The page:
After a stint at AMBS, we were invited in1985 to Philadelphia by David W. Shenk, then EMBMC director of Home Ministries, and Luke Stoltzfus, Lancaster Bishop for Philadelphia. We worked for three years aiding as we good in the planting of the Vietnamese Mennonite Church. I was the first elder at West Philadelphia Mennonite, then just a year old. I was on the church-planting committee for Love Truth Chinese Mennonite Church in Philly.

          Last fall West Philadelphia Mennonite, after a long process of congregational discernment, agreed to accept openly gay members. Our pastor, Lorie Hershey, signed a recent letter admonishing MCUSA on this matter.

          I must confess that as an urban Mennonite, living in conditions that rural and suburban Mennonites can only imagine, without owning a car or a house, I have often felt resentment toward the extremely wealthy Mennonite church which is rapidly becoming assimilated into upper middle class American culture.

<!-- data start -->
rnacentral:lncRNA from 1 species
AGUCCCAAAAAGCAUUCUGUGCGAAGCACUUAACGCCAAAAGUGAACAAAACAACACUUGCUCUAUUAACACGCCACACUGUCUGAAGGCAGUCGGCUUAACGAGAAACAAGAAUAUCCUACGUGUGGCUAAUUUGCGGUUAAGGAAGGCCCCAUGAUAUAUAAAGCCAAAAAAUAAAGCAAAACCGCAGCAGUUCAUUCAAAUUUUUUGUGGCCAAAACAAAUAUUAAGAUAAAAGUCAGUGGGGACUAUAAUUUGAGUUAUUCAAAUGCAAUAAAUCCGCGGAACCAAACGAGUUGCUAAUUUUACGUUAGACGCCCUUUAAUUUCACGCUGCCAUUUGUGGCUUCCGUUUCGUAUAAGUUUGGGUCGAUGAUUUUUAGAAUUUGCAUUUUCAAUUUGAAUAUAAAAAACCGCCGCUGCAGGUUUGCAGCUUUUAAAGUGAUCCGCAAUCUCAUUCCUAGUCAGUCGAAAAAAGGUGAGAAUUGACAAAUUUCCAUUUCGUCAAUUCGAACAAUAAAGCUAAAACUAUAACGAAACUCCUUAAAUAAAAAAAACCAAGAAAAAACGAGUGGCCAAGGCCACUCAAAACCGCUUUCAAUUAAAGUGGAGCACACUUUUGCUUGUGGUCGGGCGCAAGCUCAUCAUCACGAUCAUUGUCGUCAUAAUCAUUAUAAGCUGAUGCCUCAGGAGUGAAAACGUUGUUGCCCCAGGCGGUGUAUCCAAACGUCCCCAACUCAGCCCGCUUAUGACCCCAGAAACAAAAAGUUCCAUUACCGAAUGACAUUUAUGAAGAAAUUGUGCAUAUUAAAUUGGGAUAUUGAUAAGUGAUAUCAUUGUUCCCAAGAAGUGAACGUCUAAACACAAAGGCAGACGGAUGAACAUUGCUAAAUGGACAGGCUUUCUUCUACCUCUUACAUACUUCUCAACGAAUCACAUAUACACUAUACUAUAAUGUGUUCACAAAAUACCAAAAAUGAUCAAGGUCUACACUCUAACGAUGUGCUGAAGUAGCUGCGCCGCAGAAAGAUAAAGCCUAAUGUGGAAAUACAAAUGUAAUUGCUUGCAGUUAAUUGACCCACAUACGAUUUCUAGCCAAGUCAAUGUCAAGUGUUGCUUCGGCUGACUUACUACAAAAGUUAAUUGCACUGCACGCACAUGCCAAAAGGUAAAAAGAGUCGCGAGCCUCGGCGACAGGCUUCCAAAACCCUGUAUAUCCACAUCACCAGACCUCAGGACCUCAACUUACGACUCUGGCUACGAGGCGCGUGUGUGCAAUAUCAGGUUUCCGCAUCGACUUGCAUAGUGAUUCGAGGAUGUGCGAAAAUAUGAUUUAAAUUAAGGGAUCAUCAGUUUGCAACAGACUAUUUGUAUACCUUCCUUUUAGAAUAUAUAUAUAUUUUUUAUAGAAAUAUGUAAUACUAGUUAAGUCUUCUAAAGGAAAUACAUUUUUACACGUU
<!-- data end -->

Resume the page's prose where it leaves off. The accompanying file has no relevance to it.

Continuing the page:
A few years ago, we received an inivitation, as former EMM workers, inviting us to consider retiring in Landis Homes. Turned out that the entry fee was close to a half million dollars, which needless to say was beyond our means.–

          Every Pentecost, the twenty or so Mennonite churches in Philadelphia, many of them ethnic churches planted by EMM in a burst of evangelism in the late 1980’s, gather for a worship and communion service. There are Anglo congregations, African-American churches, mixed-ethnic churches, Hispanic, Indonesian, Vietnamese, Chinese, and Haitian (at the moment — the number grows every year.)–